Household Debt, led by mortgage debt, increased substantially in 2017 as the economy continued to grow for the fifth consecutive year, according to the Quarterly Report on Household Debt and Credit released by the Federal Reserve Bank of New York. The report is based on data from the New York Fed’s Consumer Credit Panel, which uses individual- and household-level debt and credit records drawn from anonymized Equifax data.
Total household debt increased by $193 billion or 1.5 percent during the year to $13.5 trillion, the report said, marking the fifth consecutive year of positive annual household debt growth. Mortgage debts increased substantially during the fourth quarter and stood at $8.88 trillion, an increase of $139 billion from the third quarter of 2017—marking their most substantial increase in several quarters.
The report indicated that unlike overall household debt balances, which surpassed their previous peak reached in the third quarter of 2008, mortgage balances remained 4.4 percent below those peaks. Balances on home equity lines of credit (HELOC) declined again, by $4 billion and now stand at $444 billion.
The report, which measures mortgage originations as the appearance of new mortgage balances on consumer credit reports and includes refinanced mortgage, said that originations were down from $479 billion in the third quarter to $452 billion by the end of 2017.
“Despite recovered house prices, mortgage balances remain far below their previous peaks in the states that were hardest-hit by the Great Recession,” said Donghoon Lee, Research Officer at the New York Fed. “While the subdued mortgage balance levels of these areas should not necessarily be interpreted as a negative outcome, the regional differences clearly show that the echoes of the financial crisis still linger.”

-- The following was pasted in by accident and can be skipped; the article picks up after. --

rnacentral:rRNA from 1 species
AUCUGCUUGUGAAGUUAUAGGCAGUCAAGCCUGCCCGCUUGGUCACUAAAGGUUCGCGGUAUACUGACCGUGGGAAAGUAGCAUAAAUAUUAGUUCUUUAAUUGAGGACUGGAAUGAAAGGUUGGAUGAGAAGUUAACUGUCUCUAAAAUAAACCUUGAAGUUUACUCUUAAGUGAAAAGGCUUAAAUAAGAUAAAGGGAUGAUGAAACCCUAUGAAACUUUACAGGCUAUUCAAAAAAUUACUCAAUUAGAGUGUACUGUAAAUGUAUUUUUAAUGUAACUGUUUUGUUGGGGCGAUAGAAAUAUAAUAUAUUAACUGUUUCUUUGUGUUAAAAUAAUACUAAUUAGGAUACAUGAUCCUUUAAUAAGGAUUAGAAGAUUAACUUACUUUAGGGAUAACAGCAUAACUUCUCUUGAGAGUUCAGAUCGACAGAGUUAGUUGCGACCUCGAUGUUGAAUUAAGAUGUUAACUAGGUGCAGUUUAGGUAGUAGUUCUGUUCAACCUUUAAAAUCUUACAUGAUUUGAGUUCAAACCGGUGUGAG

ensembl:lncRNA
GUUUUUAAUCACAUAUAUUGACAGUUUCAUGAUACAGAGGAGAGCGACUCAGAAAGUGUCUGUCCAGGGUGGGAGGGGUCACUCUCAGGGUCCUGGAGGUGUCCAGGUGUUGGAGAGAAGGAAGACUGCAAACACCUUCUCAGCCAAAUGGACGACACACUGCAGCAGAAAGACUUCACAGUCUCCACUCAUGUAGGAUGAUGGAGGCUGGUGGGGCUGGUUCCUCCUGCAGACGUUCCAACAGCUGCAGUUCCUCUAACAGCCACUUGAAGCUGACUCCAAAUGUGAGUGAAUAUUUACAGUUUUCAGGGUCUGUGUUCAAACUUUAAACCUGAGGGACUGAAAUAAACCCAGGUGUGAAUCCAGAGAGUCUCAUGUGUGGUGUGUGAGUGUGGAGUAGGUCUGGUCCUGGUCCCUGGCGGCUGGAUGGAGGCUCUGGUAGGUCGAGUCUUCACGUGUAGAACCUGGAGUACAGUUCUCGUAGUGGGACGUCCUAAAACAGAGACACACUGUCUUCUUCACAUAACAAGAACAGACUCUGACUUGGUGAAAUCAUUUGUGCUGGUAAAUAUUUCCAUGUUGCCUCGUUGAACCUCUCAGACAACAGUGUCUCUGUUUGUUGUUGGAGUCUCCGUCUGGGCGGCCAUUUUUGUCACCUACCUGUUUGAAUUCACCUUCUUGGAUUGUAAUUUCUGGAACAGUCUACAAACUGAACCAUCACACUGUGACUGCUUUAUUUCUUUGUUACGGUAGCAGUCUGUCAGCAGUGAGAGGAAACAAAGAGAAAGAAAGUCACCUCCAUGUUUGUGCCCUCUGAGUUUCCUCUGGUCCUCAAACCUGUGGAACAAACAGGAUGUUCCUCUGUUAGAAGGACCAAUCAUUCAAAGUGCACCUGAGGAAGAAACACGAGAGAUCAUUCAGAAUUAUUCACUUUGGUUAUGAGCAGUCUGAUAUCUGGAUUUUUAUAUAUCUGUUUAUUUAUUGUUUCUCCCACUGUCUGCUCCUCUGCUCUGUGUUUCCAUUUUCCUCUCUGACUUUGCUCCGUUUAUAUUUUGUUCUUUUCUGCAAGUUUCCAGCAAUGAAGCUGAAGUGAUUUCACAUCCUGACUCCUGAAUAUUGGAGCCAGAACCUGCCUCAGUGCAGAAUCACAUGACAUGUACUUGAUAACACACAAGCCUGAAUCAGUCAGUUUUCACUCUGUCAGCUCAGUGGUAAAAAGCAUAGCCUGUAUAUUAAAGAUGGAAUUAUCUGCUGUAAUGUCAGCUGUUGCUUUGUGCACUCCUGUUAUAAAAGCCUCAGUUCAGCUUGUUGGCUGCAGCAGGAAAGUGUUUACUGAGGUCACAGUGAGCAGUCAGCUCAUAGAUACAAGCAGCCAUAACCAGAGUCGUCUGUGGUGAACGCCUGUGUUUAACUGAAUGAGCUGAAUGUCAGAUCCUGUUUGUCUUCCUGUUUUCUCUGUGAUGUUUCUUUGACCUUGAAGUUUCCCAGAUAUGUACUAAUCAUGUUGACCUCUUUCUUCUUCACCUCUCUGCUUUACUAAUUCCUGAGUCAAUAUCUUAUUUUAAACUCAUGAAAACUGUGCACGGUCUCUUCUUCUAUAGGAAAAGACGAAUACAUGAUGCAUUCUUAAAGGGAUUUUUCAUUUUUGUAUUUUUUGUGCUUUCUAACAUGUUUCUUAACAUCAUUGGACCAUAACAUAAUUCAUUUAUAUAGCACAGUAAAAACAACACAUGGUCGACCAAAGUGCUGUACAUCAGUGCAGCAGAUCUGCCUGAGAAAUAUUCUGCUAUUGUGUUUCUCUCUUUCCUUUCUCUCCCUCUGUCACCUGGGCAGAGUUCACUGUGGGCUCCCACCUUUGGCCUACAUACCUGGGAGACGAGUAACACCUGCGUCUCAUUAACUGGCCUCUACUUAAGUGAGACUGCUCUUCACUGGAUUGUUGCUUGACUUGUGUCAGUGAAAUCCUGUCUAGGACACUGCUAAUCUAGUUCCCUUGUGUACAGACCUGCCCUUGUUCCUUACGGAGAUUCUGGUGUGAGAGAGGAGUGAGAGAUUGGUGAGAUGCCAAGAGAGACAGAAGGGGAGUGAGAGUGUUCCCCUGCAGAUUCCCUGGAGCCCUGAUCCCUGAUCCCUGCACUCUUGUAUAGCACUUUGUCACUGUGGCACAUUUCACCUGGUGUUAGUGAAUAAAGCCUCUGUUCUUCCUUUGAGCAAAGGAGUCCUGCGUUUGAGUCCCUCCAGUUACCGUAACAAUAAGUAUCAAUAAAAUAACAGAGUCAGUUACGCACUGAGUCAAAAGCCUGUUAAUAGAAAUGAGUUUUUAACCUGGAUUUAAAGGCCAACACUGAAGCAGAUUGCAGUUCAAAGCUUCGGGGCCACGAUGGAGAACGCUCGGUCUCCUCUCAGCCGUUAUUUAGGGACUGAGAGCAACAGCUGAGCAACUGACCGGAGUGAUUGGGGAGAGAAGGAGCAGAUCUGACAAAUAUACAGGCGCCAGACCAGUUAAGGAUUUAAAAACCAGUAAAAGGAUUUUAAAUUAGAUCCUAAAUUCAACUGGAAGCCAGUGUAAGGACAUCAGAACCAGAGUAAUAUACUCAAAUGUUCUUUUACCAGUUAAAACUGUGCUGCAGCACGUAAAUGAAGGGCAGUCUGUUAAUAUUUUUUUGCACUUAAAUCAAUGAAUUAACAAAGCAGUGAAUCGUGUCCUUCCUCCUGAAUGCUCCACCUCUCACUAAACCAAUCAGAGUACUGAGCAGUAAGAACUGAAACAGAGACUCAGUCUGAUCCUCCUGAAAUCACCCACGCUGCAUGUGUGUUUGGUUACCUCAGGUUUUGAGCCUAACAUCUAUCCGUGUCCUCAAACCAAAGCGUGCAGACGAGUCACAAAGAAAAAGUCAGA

According to the data, Texas, North Dakota, and Delaware had mortgage balances more than 10 percent above their previous peak. On the other hand, Florida, Arizona, Nevada, and California showed balances still at least 10 percent below their earlier peak. These were the states that were severely impacted by the Great Recession.
With the economy growing, household debt is expected to increase further and has already started speculations in the media and markets on another Great Recession-type scenario in the making. However, there are a number of differences between then and now. Don't miss the April issue of MReport for more insights on how the economy is affecting consumer debt and vice-versa.